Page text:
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two glasses of wine and two cheese boards sitting on top of a wooden table

At Strasburg Rail Road, our popular Wine & Cheese Train is a great way to spend the evening enjoying the company of your friends, that special someone for date night, or just treating yourself to a relaxing steam train ride through Lancaster County

New to wine and cheese tasting? To help you prepare for your Friday or Saturday evening adventure, we’ve provided some details on the experience as well as a wine guide and how to best pair them. Keep reading to become an expert and fully enjoy your experience with us.

Wine and Cheese Guide

Below, we will include some historical facts, wine terminology, and delicious pairings for you to consider. They are sure to impress your party group for our Wine & Cheese Train events, so pay close attention and learn some interesting facts to share with others.

History of PA Wine

In 1850, Pennsylvania had the third-largest winery production in the U.S. with a winery available in every county. 

Once Prohibition hit, Pennsylvania’s wine industry was destroyed. It wasn’t until 1968 when the Pennsylvania Limited Winery Act was passed that the state could begin to make and sell wine again. 

In the 70s, only 12 wineries had been established. Now, there are more than 200 wineries within the state alone.

No matter where you are in the state today, you are less than one hour away from at least one winery. Pennsylvania is the nation’s fifth-largest grape-growing state, providing lots of opportunities for wine tastings and tours.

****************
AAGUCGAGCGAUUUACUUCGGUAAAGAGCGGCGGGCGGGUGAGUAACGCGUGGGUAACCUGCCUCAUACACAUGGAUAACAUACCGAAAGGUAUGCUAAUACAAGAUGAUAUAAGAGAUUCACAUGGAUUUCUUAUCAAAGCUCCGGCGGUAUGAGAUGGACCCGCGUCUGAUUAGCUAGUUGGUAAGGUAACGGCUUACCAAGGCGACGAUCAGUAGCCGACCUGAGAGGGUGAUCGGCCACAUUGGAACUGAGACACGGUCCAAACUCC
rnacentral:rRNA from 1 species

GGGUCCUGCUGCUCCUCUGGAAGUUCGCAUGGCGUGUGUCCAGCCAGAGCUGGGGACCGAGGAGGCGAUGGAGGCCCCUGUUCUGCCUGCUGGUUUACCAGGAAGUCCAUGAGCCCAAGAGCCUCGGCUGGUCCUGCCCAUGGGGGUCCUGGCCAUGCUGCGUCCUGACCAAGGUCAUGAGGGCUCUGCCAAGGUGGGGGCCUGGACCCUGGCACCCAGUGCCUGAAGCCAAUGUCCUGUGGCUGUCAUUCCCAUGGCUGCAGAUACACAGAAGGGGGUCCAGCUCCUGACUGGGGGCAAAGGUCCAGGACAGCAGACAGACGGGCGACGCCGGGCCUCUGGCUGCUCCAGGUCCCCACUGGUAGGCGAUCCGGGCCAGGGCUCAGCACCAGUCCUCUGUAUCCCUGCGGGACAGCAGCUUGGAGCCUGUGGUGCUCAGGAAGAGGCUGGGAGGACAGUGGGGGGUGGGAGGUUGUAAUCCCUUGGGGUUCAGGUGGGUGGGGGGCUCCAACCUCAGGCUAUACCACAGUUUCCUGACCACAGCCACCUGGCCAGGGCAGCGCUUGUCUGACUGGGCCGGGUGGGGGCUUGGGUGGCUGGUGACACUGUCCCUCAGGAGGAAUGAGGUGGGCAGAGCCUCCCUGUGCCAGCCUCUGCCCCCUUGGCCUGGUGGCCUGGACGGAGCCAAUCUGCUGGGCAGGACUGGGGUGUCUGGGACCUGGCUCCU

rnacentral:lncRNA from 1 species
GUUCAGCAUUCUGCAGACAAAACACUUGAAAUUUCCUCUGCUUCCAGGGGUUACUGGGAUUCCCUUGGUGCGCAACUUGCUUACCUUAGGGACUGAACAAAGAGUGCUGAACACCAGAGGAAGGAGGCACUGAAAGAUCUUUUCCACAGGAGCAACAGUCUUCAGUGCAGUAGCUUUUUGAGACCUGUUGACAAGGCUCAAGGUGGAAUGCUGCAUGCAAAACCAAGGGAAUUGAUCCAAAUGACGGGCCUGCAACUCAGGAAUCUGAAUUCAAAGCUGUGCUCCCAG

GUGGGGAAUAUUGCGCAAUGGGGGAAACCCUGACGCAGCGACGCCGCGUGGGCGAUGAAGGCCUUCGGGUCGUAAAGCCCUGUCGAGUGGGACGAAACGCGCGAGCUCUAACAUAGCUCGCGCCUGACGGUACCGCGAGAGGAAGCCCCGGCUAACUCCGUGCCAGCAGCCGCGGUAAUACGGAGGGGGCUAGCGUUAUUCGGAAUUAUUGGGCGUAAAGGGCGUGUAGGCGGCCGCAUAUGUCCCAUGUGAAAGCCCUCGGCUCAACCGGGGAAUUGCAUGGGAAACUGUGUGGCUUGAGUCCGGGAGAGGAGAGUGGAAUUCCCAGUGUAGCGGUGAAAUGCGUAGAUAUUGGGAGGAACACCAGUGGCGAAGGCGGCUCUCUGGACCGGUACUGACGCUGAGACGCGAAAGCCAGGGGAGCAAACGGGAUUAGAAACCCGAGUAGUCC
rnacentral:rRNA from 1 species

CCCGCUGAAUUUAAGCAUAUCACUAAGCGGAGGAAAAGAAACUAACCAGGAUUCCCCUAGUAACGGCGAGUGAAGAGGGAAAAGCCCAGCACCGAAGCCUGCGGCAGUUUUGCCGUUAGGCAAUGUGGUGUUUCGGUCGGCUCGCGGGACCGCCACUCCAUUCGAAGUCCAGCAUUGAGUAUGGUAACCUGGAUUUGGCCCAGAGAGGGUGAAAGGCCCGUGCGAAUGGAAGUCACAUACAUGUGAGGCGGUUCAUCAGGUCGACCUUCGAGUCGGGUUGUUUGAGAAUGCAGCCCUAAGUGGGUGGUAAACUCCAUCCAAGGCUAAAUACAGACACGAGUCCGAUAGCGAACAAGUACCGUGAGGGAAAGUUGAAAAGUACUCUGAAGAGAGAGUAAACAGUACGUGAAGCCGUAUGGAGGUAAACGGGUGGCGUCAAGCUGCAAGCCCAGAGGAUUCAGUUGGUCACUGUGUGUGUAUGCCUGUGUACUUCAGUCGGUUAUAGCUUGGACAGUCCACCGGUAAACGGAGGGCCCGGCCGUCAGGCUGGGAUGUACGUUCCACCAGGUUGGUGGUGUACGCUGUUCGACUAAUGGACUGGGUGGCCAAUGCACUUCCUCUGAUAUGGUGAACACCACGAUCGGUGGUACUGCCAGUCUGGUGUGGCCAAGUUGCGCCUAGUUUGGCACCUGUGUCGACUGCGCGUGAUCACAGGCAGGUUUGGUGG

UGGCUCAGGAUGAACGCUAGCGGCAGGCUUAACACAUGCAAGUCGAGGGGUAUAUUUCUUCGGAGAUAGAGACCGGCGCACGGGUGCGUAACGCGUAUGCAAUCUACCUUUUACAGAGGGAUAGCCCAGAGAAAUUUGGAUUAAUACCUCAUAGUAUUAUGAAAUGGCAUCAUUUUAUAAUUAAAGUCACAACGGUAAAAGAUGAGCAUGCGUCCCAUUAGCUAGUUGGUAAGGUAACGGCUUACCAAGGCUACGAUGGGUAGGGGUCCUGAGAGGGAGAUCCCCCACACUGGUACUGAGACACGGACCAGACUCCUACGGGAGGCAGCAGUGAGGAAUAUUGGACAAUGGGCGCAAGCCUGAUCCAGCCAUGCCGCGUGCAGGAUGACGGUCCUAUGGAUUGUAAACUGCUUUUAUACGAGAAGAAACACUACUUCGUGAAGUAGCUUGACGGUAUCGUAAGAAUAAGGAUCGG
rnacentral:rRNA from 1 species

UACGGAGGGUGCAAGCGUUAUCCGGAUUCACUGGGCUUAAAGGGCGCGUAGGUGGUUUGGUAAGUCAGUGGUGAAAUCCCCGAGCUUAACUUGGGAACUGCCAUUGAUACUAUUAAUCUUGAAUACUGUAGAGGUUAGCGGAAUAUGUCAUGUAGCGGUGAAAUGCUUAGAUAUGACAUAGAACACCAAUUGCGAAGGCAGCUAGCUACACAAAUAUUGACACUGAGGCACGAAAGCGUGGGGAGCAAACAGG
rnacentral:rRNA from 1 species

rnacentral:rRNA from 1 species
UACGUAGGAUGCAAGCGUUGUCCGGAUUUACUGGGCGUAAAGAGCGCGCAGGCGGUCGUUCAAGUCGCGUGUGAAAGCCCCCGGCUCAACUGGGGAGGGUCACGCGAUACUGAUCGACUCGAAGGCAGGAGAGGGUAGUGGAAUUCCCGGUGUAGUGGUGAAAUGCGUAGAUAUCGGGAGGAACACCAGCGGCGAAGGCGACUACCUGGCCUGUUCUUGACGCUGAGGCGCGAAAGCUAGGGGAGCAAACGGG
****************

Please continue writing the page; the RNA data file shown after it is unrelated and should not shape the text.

Wine Terminology

When discussing wine, it’s important to know the history of where the wine comes from, as well as the correct terminology. Learning the right lingo can distinguish a novice from an expert, so we’ve rounded up a few of our favorite wine flavors and terms.

Body – a term used to describe the weight and fullness of wine

Dry – opposite of sweet, a wine that has no residual sugar

Tannin – naturally occurring compounds in wine that create a bitter and drying sensation

Complex – a wine with many odors, flavors, and nuances

Varietal – a wine named after the grape that was used to produce it

Regional – a wine named after the region in which it was produced (ex: Champagne, France)

Blend – a wine made from more than one grape variety

Aroma – the smell of wine

Aeration – the intentional addition of oxygen to wine to soften it (Note: not all wines should be aerated)

Finish – lingering textures and flavors of wine

Wine & Cheese Pairings

Now that you’ve got some fun terminology to put to use, it’s time to pair that delicious wine with some cheese. Many experts tend to recommend only white wine with cheese, but the right light-bodied red wine can make a good pairing as well.

Because wine is an astringent and cheese is a fat, they sit on the opposite ends of the taste spectrum and create a unique sensation when paired together. 

Here are a few suggestions for your wine and cheese pairings, but keep in mind that everyone’s tastes are different. There’s no right or wrong way to enjoy your wine and cheese.